“…Strides made in building systems to collect data on infectious diseases and track outbreaks will only endure with long-term commitment, said Athalia Christie, the deputy for global health at the United States Centers for Disease Control and Prevention. She told a panel [at the Global Disaster Relief Summit 2015] that such systems had to be created from scratch in Ebola-affected countries…” (Kollipara, 9/17).
- Liberia Working To Register Children Born At Home During Ebola Outbreak
VOA News: Ebola Resulted in Thousands of Unregistered Births in Liberia
“…Health officials said that because many pregnant women chose to have their babies at home [during the Ebola outbreak], tens of thousands of children today have not been officially registered. … Liberian Health Minister Bernice Dahn said the government has been moving to update registrations, including a backlog from before the Ebola outbreak…” (Eagle, 9/15).
- Nepal's Poor Water System Worsened By Earthquakes
New York Times: Earthquakes Compound Nepal’s Water Worries
“…[Nepal] is one of the world’s poorest countries, and two-thirds of the population lives without toilets. Water pipes in major cities are old and crumbling — a situation made worse by the earthquake that devastated Kathmandu in April…” (McNeil, 9/16).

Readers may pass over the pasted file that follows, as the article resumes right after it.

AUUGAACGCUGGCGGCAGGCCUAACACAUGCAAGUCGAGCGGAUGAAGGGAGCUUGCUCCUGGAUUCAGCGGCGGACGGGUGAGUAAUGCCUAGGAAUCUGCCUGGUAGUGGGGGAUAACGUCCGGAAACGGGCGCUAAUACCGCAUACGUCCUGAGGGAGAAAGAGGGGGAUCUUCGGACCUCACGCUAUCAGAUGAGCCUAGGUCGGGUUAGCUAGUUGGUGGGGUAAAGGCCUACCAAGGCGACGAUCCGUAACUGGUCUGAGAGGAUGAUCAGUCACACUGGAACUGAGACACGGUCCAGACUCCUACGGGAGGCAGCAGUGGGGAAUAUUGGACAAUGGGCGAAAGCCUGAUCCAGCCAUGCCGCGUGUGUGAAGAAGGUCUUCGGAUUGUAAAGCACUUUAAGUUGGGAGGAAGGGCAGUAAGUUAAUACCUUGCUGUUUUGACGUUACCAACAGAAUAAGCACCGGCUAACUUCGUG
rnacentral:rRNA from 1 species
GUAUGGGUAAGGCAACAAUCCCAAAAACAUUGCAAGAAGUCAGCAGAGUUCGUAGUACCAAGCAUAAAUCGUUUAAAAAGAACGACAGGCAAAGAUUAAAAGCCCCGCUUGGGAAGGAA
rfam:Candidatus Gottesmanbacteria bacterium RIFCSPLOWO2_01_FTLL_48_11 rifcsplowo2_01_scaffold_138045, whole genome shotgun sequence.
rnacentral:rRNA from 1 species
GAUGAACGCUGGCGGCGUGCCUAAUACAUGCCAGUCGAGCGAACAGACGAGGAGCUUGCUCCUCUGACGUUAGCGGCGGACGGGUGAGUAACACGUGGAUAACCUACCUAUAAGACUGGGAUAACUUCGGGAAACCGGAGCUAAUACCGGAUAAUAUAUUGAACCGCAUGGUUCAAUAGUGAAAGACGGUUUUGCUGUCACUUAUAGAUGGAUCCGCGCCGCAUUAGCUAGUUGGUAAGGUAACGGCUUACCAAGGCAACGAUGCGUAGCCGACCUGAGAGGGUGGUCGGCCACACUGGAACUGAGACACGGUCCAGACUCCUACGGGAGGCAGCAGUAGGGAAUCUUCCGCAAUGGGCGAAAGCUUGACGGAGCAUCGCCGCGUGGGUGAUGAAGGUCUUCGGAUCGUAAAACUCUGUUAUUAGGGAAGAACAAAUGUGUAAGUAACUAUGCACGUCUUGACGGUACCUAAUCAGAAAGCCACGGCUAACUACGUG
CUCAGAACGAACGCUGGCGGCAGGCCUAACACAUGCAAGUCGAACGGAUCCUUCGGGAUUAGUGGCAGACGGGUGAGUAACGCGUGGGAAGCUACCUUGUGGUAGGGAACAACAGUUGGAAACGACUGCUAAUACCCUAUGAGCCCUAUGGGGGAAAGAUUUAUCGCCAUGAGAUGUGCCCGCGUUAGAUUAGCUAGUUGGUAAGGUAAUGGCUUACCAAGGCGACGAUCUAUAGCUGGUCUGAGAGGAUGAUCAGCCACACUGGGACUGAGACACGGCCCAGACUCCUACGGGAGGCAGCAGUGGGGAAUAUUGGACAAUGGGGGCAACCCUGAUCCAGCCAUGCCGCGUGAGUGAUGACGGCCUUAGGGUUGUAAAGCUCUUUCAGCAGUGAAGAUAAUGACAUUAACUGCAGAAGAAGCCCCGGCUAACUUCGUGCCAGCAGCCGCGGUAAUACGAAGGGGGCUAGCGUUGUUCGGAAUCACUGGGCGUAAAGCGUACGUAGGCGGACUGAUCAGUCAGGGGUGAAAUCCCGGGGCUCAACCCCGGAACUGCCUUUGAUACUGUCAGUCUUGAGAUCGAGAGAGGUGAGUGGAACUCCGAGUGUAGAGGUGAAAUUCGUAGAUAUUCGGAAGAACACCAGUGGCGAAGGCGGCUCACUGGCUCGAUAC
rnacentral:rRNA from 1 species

- Cholera Outbreak In NE Nigeria Refugee Camps Kills 16, MSF Reports
Agence France-Presse: Cholera kills 16 at Boko Haram displaced camps in NE Nigeria: MSF
“Sixteen people have died in a cholera outbreak at three camps for those made homeless by Boko Haram violence in northeast Nigeria, the medical charity Médecins Sans Frontières said on Wednesday…” (9/16).
- Wired Examines Risk Of Disease Outbreaks At Large Gatherings Such As Hajj
Wired: Toppling Cranes Aren’t the Only Things Threatening Mecca
“…Friday’s crane collapse at the Grand Mosque [in Mecca, Saudi Arabia], which killed over 100 people and injured more than 200 others, is a stark demonstration that disease isn’t the only health risk when you’ve got millions of people gathered in cramped quarters. But mass gatherings like the hajj don’t necessarily play by the rules that govern public health in crowded but more settled places, like cities…” (Wade, 9/16).
Editorials and Opinions
- NEJM Perspective Pieces Examine Implications For Global Health In Post-2015 Development Agenda